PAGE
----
The Internet of Things: things are not going to rebel, aren’t they ?

This week we came up with a really interesting topic of the ‘Internet of things’ which can be defined as “a system of interrelated computing devices, mechanical and digital machines, objects, animals or people that are provided with unique identifiers and the ability to transfer data over a network without requiring human-to-human or human-to-computer interaction”, according to Internet of Things Agenda.

Personally, I consider it is the notion of how people apply sensors to stuffs around us and we have not only smartphones, but ‘smartthings’. The examples range from bracelets helping us to know our bodies’ status to smart toothbrushes recognizing teeth’s problem or even a smart house. The advantage of this transition is far more than we can imagine such as smart cement monitoring stresses, cracks, and warpages, which is installed after the bridge collapse in Minnesota in 2007.


Despite all those benefits, there are concerns such as lack of privacy or security. Personally, I have another concern. As we have already known, smart devices actually operate based on our habits, which can be understood as following structured actions. So what if one day, they will not follow the same pattern anymore, and do something else ? Or worse, rebel ? Okay, they are just machines, but they are ‘smart’. Recently one of the smartest human-like robots also said that she would ‘destroy human’ so anything can happen.

Tell me guys, they are not going to rebel, aren’t they ?


Cybercrime: go how you f*cking clowns.

Online hacktivism can be considered positive in the way that white-hat hacktivists reveal hidden crimes that are harmful or put pressure on organizations to fight for people’s right. They are the digital Robin Hood, about which I have one blog post which you can check out here.

However, as cyberspace is a world, and just like other worlds, it has both sides. And the other, darker side I want to mention in this post is black-hat hackers. Due to the fact that the information system still contains many gaps that are too hard to be fulfilled as the system is too complicated, several people exploit it and make profit for themselves. Since not a huge proportion of population have understanding in this field, the ones who have gain so much power. And once they have such significant power, it is understandable that their purposes changed from raising people’s voice like Julian Assange or Edward Snowden, to stealing people’s credit card, like LulzSec.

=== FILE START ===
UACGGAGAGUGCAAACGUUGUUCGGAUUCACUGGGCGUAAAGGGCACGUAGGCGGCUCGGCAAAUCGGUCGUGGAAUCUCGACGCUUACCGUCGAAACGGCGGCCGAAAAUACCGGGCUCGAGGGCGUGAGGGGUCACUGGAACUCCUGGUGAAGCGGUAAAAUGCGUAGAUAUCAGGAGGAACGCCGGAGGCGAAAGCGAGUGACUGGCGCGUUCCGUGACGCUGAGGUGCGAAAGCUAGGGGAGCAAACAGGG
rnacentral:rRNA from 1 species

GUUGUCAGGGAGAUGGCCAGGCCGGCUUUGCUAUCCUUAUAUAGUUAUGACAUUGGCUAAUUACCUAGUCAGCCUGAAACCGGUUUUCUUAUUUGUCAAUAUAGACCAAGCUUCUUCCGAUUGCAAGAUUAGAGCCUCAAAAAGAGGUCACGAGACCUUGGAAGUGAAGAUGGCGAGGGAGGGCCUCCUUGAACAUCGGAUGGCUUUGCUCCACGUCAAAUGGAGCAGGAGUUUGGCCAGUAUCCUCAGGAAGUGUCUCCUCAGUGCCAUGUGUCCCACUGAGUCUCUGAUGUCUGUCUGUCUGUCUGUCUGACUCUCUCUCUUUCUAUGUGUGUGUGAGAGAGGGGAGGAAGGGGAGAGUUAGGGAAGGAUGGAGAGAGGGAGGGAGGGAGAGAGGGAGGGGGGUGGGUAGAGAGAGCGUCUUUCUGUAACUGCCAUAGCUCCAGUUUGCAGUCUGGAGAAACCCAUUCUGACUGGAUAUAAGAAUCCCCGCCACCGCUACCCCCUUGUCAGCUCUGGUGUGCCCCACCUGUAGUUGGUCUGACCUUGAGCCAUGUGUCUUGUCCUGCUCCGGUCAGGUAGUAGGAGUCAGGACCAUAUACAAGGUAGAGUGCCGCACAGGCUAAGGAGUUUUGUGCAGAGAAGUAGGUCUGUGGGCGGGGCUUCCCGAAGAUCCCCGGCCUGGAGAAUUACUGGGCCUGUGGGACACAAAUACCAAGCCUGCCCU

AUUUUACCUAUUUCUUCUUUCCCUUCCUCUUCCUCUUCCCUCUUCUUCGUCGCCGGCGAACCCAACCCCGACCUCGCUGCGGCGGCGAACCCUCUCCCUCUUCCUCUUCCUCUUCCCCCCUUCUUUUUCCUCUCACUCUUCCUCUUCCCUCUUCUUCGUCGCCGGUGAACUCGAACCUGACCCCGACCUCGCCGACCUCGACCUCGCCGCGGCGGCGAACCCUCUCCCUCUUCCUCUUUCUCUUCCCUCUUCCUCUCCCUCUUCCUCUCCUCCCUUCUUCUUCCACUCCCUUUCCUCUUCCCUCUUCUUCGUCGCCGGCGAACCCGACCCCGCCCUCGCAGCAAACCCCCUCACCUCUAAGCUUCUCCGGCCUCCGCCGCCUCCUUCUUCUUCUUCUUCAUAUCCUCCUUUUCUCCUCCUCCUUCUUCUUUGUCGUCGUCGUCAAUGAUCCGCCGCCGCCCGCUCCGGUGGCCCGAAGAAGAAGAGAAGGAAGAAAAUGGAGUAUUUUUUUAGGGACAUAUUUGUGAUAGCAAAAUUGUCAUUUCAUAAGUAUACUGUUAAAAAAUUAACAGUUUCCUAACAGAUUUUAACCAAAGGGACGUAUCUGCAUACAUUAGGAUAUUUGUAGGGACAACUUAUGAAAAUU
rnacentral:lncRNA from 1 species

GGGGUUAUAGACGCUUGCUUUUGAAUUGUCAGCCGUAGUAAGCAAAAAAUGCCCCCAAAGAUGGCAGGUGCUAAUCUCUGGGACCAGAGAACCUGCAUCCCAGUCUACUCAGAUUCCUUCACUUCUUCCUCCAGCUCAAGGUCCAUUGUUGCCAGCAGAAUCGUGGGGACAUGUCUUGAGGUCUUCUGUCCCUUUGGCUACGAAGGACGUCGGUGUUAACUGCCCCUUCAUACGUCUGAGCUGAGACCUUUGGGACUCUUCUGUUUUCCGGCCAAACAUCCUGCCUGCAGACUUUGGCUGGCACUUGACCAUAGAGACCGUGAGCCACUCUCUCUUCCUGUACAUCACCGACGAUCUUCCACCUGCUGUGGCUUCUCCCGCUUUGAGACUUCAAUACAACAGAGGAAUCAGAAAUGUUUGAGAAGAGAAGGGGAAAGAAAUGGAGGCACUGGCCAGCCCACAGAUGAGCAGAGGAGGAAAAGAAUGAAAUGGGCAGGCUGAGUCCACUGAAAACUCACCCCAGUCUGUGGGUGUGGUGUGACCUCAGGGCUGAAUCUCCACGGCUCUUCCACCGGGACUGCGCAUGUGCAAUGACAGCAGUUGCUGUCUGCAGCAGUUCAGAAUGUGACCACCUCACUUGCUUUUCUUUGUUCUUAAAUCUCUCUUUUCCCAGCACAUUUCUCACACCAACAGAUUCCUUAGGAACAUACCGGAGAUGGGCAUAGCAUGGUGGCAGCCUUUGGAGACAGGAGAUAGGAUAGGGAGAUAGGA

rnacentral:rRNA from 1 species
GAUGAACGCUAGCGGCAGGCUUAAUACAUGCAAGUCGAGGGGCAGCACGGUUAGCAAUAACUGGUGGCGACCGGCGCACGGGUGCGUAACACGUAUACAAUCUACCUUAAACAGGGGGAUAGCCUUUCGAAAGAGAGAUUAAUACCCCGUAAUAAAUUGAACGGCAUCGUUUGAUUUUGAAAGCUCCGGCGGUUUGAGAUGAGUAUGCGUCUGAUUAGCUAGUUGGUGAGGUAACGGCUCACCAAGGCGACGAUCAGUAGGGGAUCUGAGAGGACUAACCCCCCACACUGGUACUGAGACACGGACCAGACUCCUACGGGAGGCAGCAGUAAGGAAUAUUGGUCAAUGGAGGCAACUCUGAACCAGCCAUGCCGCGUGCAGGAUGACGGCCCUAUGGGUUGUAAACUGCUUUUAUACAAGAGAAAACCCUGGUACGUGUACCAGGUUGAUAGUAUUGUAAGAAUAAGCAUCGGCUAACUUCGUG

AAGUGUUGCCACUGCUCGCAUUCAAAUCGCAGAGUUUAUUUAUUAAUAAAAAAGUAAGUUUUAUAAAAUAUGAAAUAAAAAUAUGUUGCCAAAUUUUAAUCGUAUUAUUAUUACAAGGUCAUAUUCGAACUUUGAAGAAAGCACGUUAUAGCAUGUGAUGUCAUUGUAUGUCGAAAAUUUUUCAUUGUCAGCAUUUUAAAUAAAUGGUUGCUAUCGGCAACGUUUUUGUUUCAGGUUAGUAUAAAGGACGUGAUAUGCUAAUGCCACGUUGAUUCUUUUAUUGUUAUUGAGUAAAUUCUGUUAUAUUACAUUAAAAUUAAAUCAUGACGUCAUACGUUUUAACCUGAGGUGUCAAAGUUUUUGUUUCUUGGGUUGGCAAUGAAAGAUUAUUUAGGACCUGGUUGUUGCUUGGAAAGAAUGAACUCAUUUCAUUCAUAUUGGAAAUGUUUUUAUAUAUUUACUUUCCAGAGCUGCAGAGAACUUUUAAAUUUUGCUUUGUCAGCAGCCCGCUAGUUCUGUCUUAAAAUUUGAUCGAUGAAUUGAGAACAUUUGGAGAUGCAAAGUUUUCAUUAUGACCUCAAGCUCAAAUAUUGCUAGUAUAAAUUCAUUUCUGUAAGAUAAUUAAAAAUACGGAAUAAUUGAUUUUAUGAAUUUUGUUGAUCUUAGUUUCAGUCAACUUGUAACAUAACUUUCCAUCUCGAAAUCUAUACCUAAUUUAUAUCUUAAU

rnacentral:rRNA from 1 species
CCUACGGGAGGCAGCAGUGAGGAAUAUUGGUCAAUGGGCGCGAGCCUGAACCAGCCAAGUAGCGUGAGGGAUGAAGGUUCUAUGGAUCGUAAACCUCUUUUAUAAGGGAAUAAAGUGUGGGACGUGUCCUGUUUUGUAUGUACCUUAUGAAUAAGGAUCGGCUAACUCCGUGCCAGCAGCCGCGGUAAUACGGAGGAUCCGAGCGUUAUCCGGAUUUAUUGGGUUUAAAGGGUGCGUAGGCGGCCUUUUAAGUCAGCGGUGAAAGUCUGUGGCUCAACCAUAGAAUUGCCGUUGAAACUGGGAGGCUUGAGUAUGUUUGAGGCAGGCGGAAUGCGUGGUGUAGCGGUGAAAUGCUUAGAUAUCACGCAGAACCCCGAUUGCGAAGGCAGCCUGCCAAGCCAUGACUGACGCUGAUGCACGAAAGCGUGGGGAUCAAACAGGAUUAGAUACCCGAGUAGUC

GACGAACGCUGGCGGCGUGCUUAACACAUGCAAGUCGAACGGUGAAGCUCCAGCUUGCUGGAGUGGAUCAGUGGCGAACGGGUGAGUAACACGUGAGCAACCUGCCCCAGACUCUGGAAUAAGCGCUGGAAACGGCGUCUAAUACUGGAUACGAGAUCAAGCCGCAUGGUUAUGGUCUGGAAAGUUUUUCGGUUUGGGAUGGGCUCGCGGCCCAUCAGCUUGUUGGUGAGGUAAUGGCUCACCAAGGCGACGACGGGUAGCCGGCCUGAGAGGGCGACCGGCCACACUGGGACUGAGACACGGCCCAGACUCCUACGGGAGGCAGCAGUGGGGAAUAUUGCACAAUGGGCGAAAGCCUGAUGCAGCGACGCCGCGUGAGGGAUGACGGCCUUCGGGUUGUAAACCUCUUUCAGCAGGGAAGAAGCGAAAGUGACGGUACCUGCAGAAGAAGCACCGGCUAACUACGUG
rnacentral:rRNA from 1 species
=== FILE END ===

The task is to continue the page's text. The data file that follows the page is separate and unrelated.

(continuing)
This reminds me of a recent phenomena which is the Clown Prank. Clowns are supposed to bring joy to people, and now just because of some idiots pushing the game to far, they become people’s fear and anger. The purpose changes from right and pure, to wrong and dirt. White now turns into black.


Nonetheless, I still believe that there is a need for the existence of such bad sides, as every society needs them to reflect the good sides, and be a motivation for the good to keep being good, and outplay the bad. Julian Assange or Edward Snowden have so much power, but they choose to be the white-hat, and they will still be.

The black-hat hackers will be hunted by the cyberspace community, just like how the creepy clowns have to defend themselves against Aussie’s anger.

Online hacktivist: the digital Robin Hood

Once upon a time in ancient England, there was a young, handsome (I don’t believe this), brave, and chilvarious man named Robin Hood. He was famous for his great personality of helping people, fighting against criminals and stealing from the rich to give the poor.

How sweet he is.

It does not matter whether Robin Hood actually existed or he was an imaginative product, but his image did create a belief f0r social equality. Personally, I do not advocate the idea that there should be no rich and no poor, because the differentiation between classes is the base for social development.However, this week topic brought me to a place where I think there is a huge need for Robin Hood, and undoubtedly, it is the digital world.